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What the Alex Jones trial means for the future of conspiracy culture


By Ramishah Maruf, CNN

The Texas jury’s decision last week to have Alex Jones face punitive damages of more than $45 million in a lawsuit filed by the parents of Sandy Hook shooting victim Jesse Lewis was a “reckoning that was 10 years in the making,” CNN’s chief media correspondent Brian Stelter said.

A pair of Chicago-based podcast hosts have spent the past 5 years holding Jones and his Infowars network accountable. Their program, Knowledge Fight, has produced more than 700 episodes, and uses comedy to “cut through crazy lies,” Stelter said on Reliable Sources Sunday.

Hosts Dan Friesen and Jordan Holmes traveled to Texas to witness Jones’ trial first hand. Friesen said the most powerful moment inside the courtroom was watching Jesse Lewis’ mom Scarlett Lewis give her testimony and speak directly to Jones.

“I think it will stay with pretty much everyone there for the rest of their lives,” Friesen said.

The co-hosts have been covering Jones since 2017, watching his transformation from a seemingly untouchable figure to one that is now in serious legal and financial jeopardy.

“During this whole stretch of time, his content itself has been essentially hollow,” Friesen said. “Watching him from my perspective has gotten a lot less interesting.”

But despite Jones’ legal woes, Holmes said that the culture he’s helped engender has gotten a lot bigger.

“Conspiracy culture is something that is created through the cracks of our regular society,” Holmes said.

And although their podcast focuses on scrutinizing Jones and his tactics, Holmes said the trial was really about the victims.

“People would like to focus on Alex being kind of a bombastic character that we can mock and make fun of, but this isn’t about him,” Holmes said.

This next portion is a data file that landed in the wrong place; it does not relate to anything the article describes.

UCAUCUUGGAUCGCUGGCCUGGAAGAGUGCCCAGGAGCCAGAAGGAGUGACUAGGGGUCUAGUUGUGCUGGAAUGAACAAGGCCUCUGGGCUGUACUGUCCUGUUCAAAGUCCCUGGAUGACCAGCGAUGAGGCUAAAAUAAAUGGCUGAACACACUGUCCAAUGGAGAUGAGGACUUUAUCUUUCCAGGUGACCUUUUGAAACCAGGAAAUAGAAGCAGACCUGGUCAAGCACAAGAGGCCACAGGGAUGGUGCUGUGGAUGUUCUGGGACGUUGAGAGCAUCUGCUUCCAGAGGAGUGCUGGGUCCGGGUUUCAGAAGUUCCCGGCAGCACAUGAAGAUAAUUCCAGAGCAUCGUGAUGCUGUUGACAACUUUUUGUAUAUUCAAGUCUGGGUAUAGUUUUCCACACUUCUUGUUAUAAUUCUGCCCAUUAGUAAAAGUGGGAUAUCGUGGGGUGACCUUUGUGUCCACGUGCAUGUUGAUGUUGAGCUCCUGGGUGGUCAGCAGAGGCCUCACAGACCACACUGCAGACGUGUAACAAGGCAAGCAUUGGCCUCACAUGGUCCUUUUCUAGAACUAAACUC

The podcast format allows the hosts to go beyond Jones as a character and dive into the mechanisms of what he’s doing and why these conspiracy narratives exist.

“We approach it with the understanding that it’s a serious topic,” Friesen said. “But also that in order to make it interesting for anybody to listen to, we have to make it make something entertaining.”

Friesen has listened to countless hours of Jones’ program, and calls it an “incredibly boring experience.”

“The reason that I do this is because I can stomach that boredom,” Friesen said. He endures the task in order to help others get insights into the misinformation phenomenon. “So they could be in a place where they could better understand what Alex is doing and what he brings to the table.”

Many hope that the legal and financial jeopardy Jones’ is now facing will help curtail misinformation and conspiracy culture. But Friesen isn’t convinced it will be a severe blow.

“The conspiracy producers and people who engage in the sorts of conduct that Alex does end up becoming a little bit savvier,” Friesen said. “They end up learning where the lines are … of what they can do and what they can get away with.”

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